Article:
And God said, “Let the water teem with living creatures, and let birds fly above the earth across the expanse of the sky.” So God created the great creatures of the sea and every living and moving thing with which the water teems, according to their kinds, and every winged bird according to its kind. Life in the seas started and evolved into larger organisms. Those organisms turned into land-based creatures and eventually avians. Everything here falls directly in line with Genesis as it would be told to someone without access to the fossil record.

And God said, “Let the land produce living creatures according to their kinds: livestock, creatures that move along the ground, and wild animals, each according to its kind.” And it was so. God made the wild animals according to their kinds, the livestock according to their kinds, and all the creatures that move along the ground according to their kinds. Finally, complex life moved from the seas to land, and the final piece of the puzzle was put into place. And what happens once you get animal evolution?

Then God said, “Let us make man in our image, in our likeness, and let them rule over the fish of the sea and the birds of the air, over the livestock, over all the earth, and over all the creatures that move along the ground. So God created man in his own image, in the image of God he created him; male and female he created them. Everything evolution tells us can be found in Genesis. It only takes a congruence of science with the stories told of old, and your eyes can be opened.

God was telling Moses (or the author of Genesis) the creation story– the story of evolution, as it would be understood by someone from that era!

Evolution doesn’t disprove God’s existence. In fact, when aligned with what we perceive as the likely course of planetary and human evolution, the two parts mesh quite nicely.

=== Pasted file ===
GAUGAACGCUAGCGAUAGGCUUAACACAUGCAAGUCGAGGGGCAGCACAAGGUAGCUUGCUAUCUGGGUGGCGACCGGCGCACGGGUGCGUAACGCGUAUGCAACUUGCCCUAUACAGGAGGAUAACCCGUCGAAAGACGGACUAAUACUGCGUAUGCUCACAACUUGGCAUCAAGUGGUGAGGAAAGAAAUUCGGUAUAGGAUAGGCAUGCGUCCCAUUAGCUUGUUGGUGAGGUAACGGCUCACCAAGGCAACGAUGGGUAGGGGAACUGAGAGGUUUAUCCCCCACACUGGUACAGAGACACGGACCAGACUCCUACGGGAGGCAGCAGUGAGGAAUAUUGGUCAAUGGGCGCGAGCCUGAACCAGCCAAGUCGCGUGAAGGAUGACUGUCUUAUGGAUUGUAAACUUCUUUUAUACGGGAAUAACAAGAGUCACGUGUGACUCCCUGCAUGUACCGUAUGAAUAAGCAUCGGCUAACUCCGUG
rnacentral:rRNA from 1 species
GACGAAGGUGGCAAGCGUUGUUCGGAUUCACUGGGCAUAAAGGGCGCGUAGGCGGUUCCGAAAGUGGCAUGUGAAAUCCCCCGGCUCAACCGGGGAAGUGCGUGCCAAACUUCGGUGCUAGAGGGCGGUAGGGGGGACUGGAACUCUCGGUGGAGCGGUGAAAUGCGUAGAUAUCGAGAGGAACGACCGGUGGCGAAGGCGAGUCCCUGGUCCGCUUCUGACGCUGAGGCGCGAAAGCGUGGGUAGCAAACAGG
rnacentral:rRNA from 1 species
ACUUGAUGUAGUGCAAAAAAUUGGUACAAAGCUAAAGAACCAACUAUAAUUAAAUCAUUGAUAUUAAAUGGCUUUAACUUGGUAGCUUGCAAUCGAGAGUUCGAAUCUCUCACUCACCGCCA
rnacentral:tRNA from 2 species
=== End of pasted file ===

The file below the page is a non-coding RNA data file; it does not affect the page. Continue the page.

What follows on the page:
In the next post I’ll discuss the problem with evolution and how it defines an intelligence behind the process.


2 Responses to “God Vs. Science, Part 1”

  1. 1 Bobak
    August 2, 2007 at 11:49 pm

    Jesus Fucking Christ that is long….

    All I gotta say to you is that those that believe in the Bible need to believe it word for word, if not you’re being arbitrary in your beliefs. I understand men are fallible but if mistakes were made why have an incomplete guide, why let these same fallible men decide what is to be cut out or interpreted a certain way?

    The best reason to call this thing BS is because many Christians say one thing and do another (this accounts for 99% of them). Good example: Ted Haggard (but there are countless others). Since most Christians are hypocrites there is little reason to give there religion any merit.

    Lastly, people need to realize that at the time of Jesus there were so called “prophets” poping up daily. Being some guy that claimed a direct connection to god was nothing new, what was new was that this was the one guy out of thousands before him who succeeded in making people believe. Just think about it had some other Joe Schmo been more successful you’d be praising his name….

    Sorry this is no way a complete thought, just something off the top of my head….

    Bottom line – Religion is for those who can’t figure out right from wrong and need guidance….everyone else knows such things inherently….basically religion is for moral retards…thats you…

  2. December 21, 2007 at 9:34 pm

    I think the best harmonization of science and the Bible is by an organization called Reasons to Believe, (http://www.reasons.org) — and it is run by an Astrophysicist / Pastor. Take a look if you haven’t.

    Personally, I really enjoyed “The Genesis Question”, maybe you can convince your local library to order it….

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My name is Doc. Welcome to my blog. If you're visiting from another blog, add me to your blogroll (and I'll happily reciprocate). I have a Ph.D. in Chemistry and live in Wisconsin. If you have any questions, feel free to email me. My email is docattheautopsy at gmail. (No linking to deflate the incredible spam monsters).